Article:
If you’re realizing that it’s time to update your floor, bear in mind that “One size material does not fit all,” says Pete. Lyle Morris from Interior Floor Designs offers his advice on flooring options for your home with Pete and Rob.
Vinyl It’s “very functional [for] kitchen [and] bathroom,” Lyle says. Rob points out that “it’s not your grandmother’s linoleum. It looks like a slate floor.” Lyle says that Interior Floor Designs carries hundreds of kinds of vinyl, giving you a multitude of options for your home. Pricing can vary from $1 to $5 per square foot – the main difference in price, Lyle says, lies in durability.
If you’re looking to install vinyl flooring, Rob says the material is very forgiving, compared to, say, a stone floor. But, he says, you’ll need to make sure the surface is even to avoid casting odd shadows on your floor.
Vinyl stone “It looks like a real stone,” Lyle says, “but it’s only 3/16 of an inch thick.” It holds heat like stone, and comes in two options to suit your needs: glue-down or floating. Depending on the surface that the vinyl is going over, for example wood, glue-down might be your best bet. If you’re going over asbestos, on the other hand – a health hazard to tear out – floating might be your best option.
Vinyl stone is often grouted, which is made from an acrylic mixture. This means that, unlike stone, you don’t have to seal the grout to keep out mold, mildew, or moisture.
Marmoleum Marmoleum is the classic ’50s flooring material that Lyle said has been used for more than 150 years. It’s made out of “wood pulp, linseed oil – all-natural ingredients,” he says. It comes in a wide color palate, and comes in various installation styles: sheets ($4 per square foot) or floating clicks ($6.50 per square foot).
Marmoleum, Lyle says, has two distinct advantages: first, it can fit the character of the house, and second, it doesn’t have a pattern, giving it a very uniform look. Rob adds that it’s durable, and would make an excellent child’s playroom floor.
Cork “You can get cork planks, which is the most common nowadays. It’s a click-together floating [floor],” Lyle says. It’s very stable, Pete points out, and carries passive heat, meaning your floors stay warmer in winter.
Although Lyle says they don’t get much call for cork flooring, Pete says it’s one of his favorite flooring materials, running between $4.50 and $10 per square foot. Cork is actually waterproof, he adds, as it’s impregnated with resin. This makes it a particularly good material for bathrooms rather than wood.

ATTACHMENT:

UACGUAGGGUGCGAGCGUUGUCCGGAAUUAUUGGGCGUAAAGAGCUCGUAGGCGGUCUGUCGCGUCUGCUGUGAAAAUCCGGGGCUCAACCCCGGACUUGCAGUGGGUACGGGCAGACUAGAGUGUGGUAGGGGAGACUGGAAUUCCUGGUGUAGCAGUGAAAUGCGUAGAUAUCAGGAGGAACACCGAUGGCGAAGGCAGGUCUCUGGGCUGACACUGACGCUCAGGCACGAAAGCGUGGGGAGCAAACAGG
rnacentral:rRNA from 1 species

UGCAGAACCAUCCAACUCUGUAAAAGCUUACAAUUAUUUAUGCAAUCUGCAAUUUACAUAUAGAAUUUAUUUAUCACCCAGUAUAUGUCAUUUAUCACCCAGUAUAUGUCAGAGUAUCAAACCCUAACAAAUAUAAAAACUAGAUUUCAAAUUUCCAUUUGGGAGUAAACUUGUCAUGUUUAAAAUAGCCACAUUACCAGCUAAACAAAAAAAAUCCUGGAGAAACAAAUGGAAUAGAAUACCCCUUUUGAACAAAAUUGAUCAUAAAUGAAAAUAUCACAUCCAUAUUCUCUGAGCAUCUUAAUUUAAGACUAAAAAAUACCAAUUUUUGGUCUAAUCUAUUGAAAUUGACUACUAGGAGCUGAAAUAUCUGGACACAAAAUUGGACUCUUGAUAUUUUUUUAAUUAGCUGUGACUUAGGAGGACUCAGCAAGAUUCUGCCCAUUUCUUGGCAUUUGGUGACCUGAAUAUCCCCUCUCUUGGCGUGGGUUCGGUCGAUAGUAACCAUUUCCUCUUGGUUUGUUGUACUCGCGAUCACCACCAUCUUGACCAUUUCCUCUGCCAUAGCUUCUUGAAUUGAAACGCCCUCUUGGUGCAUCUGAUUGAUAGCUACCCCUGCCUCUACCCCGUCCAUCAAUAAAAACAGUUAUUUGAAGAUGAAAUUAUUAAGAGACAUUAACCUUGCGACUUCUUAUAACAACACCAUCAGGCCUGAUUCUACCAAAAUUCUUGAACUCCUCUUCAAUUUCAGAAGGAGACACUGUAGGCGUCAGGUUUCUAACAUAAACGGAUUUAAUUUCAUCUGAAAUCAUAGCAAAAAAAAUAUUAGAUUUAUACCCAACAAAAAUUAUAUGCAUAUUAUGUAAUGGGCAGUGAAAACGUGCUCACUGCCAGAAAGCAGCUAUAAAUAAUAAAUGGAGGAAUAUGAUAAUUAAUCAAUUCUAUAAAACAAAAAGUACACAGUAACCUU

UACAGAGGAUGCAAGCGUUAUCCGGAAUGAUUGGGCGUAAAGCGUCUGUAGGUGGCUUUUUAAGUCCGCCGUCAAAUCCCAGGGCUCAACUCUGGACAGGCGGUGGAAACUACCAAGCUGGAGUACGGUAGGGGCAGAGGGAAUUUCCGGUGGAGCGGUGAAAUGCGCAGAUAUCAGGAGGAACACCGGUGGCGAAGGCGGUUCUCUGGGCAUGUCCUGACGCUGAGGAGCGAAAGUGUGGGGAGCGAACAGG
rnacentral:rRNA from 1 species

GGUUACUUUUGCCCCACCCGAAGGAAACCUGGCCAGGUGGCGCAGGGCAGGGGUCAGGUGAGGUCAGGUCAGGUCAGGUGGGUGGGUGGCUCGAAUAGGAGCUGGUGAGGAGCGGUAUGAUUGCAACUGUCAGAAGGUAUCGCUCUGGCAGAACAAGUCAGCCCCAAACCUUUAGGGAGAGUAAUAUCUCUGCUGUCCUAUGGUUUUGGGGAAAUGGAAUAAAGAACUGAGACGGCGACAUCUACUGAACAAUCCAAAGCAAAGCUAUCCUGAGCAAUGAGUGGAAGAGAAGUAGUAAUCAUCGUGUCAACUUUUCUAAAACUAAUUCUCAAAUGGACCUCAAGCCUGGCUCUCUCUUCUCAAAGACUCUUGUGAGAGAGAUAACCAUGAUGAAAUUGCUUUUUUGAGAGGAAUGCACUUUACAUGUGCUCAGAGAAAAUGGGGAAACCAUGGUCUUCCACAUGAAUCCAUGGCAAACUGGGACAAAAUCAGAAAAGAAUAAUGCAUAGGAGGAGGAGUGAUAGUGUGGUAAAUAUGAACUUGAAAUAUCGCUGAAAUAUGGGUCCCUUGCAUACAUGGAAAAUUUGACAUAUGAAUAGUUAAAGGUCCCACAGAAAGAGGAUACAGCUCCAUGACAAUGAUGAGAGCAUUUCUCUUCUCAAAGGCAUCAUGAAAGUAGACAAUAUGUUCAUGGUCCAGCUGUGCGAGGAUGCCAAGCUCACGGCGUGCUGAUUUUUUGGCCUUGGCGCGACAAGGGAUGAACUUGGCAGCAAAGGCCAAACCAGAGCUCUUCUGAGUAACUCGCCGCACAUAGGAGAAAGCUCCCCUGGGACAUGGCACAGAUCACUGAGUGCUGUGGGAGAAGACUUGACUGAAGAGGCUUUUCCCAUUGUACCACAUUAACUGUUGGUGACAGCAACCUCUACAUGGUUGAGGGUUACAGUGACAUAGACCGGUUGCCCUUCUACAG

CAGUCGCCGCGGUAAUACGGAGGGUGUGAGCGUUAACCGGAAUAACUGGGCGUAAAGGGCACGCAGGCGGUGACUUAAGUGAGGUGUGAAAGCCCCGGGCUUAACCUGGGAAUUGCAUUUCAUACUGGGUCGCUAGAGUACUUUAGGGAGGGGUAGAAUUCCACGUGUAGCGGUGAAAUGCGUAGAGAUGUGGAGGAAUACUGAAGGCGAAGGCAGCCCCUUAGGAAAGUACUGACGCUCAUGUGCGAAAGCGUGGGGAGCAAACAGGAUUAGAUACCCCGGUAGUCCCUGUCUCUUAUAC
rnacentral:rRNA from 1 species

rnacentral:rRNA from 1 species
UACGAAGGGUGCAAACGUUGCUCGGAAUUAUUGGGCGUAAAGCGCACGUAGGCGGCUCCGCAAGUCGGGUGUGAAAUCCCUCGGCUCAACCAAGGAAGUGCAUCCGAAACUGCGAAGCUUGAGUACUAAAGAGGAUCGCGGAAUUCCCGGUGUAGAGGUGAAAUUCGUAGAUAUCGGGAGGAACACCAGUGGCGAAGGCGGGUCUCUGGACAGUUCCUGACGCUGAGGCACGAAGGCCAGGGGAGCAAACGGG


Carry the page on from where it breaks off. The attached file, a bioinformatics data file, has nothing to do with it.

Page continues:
Hardwoods Hardwoods are one of the most popular, perennial flooring materials, Pete says. It’s a more labor intensive process, says Lyle, requiring planks being nailed in, and then sanded and finished. One of the more popular finishes, a Swedish finish, makes the floor incredibly durable, but you’ll want to be out of your home during the process. If you’re looking to save some time and money, however, you can go with a pre-finished hardwood, and “get more bang for your buck,” Pete says.
Hardwoods also expand and contract based on the moisture content in the air, which, Pete says, is something you’ll want to keep an eye on.
Oak and Brazilian cherry are the most popular species of wood, followed up by walnut, teak and bamboo.
Hardwood is slightly more expensive than other materials, running at $10 per square foot (including labor), says Lyle.
Engineered floors If you like the look of hardwood, but would like to save some money, you may be interested in engineered floors. These generally consist of a MDF core with hardwood over the top; if you go this route, Lyle recommends checking the hardwood content. A cheaper version, photoresist floors, tend to chip and don’t last as long.
Engineered floors run, on average, around $4.50 per square foot.
Tile Tile, Lyle recommends, you should install in areas where durability is a significant factor: kitchens, bathrooms and entryways. Although typically not an excellent heat conductor, you can always install heated mats underneath to keep your floors warm in the winter. Material costs, Lyle says, run from $3 per square foot to extremely expensive depending on the design.
Stone Slate and marble are some of the original flooring materials, dating back to the Romans. There’s not much of a difference in terms of hardness, Lyle says, between the two. Bear in mind, however, that marble scratches easily, so you may want to avoid installing it in high-traffic areas.
Carpet “The one thing about carpet is that you can put it everywhere,” Pete says. It’s also a cheaper material, starting at $1 per square foot. All you need to know about carpet, however, is that Pete hates it.
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